Canadaway Creek Outlet Floodplain

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Erik Danielsen
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Re: Canadaway Creek Outlet Floodplain

Post by Erik Danielsen » Sat Dec 15, 2018 6:47 pm

As an update on some of the interesting trees at this site, discussed at length above-

The elms on the floodplain I had believed to be Rock Elm are Siberian Elm. The elms on the cliff above the lake nearby, which I had assumed to be the same species and did display winged twigs, had entirely different flowers from the floodplain trees, and neither flowers or seeds from that population are compatible with Rock Elm. I now believe the trees on the cliff must be yet another exotic Ulmus that shares the trait of developing winged bark on some twigs.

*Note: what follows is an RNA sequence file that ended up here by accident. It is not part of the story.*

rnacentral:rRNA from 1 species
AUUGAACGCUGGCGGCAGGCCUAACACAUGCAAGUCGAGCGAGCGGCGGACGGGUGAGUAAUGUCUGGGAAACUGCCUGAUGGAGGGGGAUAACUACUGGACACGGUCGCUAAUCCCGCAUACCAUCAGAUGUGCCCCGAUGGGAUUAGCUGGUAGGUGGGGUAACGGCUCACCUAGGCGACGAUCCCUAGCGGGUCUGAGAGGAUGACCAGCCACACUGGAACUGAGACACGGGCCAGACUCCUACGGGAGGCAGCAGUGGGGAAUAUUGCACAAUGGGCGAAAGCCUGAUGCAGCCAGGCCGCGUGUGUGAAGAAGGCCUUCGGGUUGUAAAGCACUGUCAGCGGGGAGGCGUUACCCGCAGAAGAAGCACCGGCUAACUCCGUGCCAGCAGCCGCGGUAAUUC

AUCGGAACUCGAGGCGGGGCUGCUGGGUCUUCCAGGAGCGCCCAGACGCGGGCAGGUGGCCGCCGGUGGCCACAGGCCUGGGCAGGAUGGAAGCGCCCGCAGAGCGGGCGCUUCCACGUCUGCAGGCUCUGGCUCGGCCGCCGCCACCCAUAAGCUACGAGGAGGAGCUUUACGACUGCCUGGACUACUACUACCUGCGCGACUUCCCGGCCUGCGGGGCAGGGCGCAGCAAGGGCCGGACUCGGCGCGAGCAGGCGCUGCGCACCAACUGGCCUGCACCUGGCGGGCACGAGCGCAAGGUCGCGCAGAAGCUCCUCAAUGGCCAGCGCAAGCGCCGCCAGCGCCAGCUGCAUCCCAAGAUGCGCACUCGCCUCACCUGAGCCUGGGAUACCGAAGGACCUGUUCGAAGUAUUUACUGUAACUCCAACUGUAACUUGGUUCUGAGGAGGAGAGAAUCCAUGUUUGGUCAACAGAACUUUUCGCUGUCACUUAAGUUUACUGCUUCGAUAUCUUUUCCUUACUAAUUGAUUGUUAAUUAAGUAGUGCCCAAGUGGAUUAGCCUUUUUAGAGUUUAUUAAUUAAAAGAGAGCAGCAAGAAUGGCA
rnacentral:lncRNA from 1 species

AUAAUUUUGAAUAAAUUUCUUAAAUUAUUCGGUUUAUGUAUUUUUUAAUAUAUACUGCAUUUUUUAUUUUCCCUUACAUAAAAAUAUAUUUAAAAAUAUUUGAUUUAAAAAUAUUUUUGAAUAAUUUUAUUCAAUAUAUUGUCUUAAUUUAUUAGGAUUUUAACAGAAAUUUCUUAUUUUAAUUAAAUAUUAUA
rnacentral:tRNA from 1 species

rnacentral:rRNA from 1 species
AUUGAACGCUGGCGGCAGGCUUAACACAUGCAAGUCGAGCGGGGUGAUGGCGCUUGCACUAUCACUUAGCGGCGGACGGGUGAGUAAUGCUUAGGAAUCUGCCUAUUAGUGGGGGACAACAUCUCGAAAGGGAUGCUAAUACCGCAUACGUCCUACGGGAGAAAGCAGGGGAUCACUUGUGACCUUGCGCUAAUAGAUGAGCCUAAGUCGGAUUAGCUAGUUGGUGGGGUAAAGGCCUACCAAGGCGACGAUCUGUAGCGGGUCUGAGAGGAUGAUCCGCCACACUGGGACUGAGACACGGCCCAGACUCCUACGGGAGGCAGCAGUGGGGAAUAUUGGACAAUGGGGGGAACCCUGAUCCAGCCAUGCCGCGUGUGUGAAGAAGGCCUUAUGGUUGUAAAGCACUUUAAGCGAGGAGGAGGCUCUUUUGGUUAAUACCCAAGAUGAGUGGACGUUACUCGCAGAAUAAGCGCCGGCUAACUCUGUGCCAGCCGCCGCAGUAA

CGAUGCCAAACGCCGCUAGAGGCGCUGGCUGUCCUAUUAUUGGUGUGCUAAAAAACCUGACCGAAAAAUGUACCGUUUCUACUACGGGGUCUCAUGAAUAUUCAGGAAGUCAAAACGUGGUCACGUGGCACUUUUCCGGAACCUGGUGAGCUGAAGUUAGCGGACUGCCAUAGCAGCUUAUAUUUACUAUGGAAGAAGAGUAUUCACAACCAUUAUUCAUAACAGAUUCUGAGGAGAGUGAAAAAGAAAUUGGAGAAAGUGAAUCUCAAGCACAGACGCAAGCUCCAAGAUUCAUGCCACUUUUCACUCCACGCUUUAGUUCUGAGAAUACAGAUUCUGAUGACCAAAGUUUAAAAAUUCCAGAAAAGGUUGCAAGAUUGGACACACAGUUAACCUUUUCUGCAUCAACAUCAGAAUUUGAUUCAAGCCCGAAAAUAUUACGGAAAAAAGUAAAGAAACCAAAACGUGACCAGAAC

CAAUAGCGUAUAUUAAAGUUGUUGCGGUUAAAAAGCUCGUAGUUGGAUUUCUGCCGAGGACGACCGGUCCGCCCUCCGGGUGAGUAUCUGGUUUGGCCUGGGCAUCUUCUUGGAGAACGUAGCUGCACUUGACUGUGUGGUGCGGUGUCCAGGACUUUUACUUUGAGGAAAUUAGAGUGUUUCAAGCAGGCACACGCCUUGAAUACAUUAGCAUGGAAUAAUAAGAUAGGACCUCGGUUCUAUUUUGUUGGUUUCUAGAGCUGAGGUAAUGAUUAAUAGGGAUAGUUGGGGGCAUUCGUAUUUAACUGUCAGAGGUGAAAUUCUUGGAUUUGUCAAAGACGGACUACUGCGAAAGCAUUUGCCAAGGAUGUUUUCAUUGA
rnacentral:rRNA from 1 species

Exploring other butternut populations in the area and reviewing reference materials in addition to the linked Purdue paper, I have come to believe that the Purdue paper neglects to describe the full range of variation in relevant twig traits in J. cinerea. If working with this paper as a primary reference, one would find twig traits within the natural variation of cinerea to indicate hybridity with Japanese Heartnut- such as slightly elongated lenticels and a shallow indentation to the top of the leaf scar. These same traits can be found in upland J. cinerea populations with more or less zero probability of hybridity, as well as older herbarium material. When I have had a chance to look at true Buart hybrid materials the differences are much more pronounced. It is not impossible that there is some hybridity here, but it is also not at all assured. I would not recommend the Purdue paper as a solitary guide to the subject, though it certainly has plenty of valuable information. The canadaway drainage continuing upstream into the village of Fredonia turns out to be a stronghold of well-formed, healthy butternuts, so I'll have more numbers to report for this species soon.

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